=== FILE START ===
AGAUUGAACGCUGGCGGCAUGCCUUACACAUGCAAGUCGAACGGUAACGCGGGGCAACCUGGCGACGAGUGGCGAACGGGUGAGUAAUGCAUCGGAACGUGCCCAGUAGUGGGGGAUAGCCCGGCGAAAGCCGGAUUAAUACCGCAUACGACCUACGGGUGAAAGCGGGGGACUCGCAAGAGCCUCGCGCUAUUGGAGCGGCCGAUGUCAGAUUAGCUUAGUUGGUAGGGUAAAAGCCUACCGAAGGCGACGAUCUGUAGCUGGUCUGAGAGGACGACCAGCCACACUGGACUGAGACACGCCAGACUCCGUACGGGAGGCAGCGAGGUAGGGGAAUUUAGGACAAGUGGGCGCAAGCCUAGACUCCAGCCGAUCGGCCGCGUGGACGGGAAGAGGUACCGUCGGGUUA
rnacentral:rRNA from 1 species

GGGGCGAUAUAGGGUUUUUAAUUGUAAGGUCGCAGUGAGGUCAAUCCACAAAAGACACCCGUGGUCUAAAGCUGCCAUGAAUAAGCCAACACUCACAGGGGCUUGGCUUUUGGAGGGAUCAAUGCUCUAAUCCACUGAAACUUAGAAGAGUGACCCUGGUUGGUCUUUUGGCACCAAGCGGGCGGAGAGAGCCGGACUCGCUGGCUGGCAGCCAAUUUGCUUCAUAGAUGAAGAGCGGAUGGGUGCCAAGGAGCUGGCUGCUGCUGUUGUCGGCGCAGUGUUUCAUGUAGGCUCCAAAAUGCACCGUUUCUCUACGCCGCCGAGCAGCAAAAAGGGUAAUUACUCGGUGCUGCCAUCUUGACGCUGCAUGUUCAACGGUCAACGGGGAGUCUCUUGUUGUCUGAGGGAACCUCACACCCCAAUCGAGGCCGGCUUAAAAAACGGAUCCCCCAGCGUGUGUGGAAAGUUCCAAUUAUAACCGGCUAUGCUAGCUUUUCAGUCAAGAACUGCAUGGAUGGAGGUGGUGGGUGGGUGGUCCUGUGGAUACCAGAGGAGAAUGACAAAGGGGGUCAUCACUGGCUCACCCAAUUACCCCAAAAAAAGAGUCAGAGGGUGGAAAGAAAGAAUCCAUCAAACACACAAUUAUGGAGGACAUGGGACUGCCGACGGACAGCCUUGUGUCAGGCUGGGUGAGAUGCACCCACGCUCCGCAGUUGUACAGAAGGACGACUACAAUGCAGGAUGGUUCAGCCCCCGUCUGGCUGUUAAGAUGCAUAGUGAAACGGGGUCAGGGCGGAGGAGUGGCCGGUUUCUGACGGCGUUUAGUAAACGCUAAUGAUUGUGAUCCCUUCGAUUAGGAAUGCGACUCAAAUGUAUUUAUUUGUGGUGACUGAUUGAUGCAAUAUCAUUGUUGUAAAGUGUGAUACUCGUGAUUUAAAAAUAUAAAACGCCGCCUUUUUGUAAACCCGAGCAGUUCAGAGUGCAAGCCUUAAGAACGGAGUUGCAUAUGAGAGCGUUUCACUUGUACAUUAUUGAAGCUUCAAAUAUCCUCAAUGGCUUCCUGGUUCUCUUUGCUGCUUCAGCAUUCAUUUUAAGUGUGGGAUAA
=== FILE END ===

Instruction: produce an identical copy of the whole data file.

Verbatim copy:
AGAUUGAACGCUGGCGGCAUGCCUUACACAUGCAAGUCGAACGGUAACGCGGGGCAACCUGGCGACGAGUGGCGAACGGGUGAGUAAUGCAUCGGAACGUGCCCAGUAGUGGGGGAUAGCCCGGCGAAAGCCGGAUUAAUACCGCAUACGACCUACGGGUGAAAGCGGGGGACUCGCAAGAGCCUCGCGCUAUUGGAGCGGCCGAUGUCAGAUUAGCUUAGUUGGUAGGGUAAAAGCCUACCGAAGGCGACGAUCUGUAGCUGGUCUGAGAGGACGACCAGCCACACUGGACUGAGACACGCCAGACUCCGUACGGGAGGCAGCGAGGUAGGGGAAUUUAGGACAAGUGGGCGCAAGCCUAGACUCCAGCCGAUCGGCCGCGUGGACGGGAAGAGGUACCGUCGGGUUA
rnacentral:rRNA from 1 species

GGGGCGAUAUAGGGUUUUUAAUUGUAAGGUCGCAGUGAGGUCAAUCCACAAAAGACACCCGUGGUCUAAAGCUGCCAUGAAUAAGCCAACACUCACAGGGGCUUGGCUUUUGGAGGGAUCAAUGCUCUAAUCCACUGAAACUUAGAAGAGUGACCCUGGUUGGUCUUUUGGCACCAAGCGGGCGGAGAGAGCCGGACUCGCUGGCUGGCAGCCAAUUUGCUUCAUAGAUGAAGAGCGGAUGGGUGCCAAGGAGCUGGCUGCUGCUGUUGUCGGCGCAGUGUUUCAUGUAGGCUCCAAAAUGCACCGUUUCUCUACGCCGCCGAGCAGCAAAAAGGGUAAUUACUCGGUGCUGCCAUCUUGACGCUGCAUGUUCAACGGUCAACGGGGAGUCUCUUGUUGUCUGAGGGAACCUCACACCCCAAUCGAGGCCGGCUUAAAAAACGGAUCCCCCAGCGUGUGUGGAAAGUUCCAAUUAUAACCGGCUAUGCUAGCUUUUCAGUCAAGAACUGCAUGGAUGGAGGUGGUGGGUGGGUGGUCCUGUGGAUACCAGAGGAGAAUGACAAAGGGGGUCAUCACUGGCUCACCCAAUUACCCCAAAAAAAGAGUCAGAGGGUGGAAAGAAAGAAUCCAUCAAACACACAAUUAUGGAGGACAUGGGACUGCCGACGGACAGCCUUGUGUCAGGCUGGGUGAGAUGCACCCACGCUCCGCAGUUGUACAGAAGGACGACUACAAUGCAGGAUGGUUCAGCCCCCGUCUGGCUGUUAAGAUGCAUAGUGAAACGGGGUCAGGGCGGAGGAGUGGCCGGUUUCUGACGGCGUUUAGUAAACGCUAAUGAUUGUGAUCCCUUCGAUUAGGAAUGCGACUCAAAUGUAUUUAUUUGUGGUGACUGAUUGAUGCAAUAUCAUUGUUGUAAAGUGUGAUACUCGUGAUUUAAAAAUAUAAAACGCCGCCUUUUUGUAAACCCGAGCAGUUCAGAGUGCAAGCCUUAAGAACGGAGUUGCAUAUGAGAGCGUUUCACUUGUACAUUAUUGAAGCUUCAAAUAUCCUCAAUGGCUUCCUGGUUCUCUUUGCUGCUUCAGCAUUCAUUUUAAGUGUGGGAUAA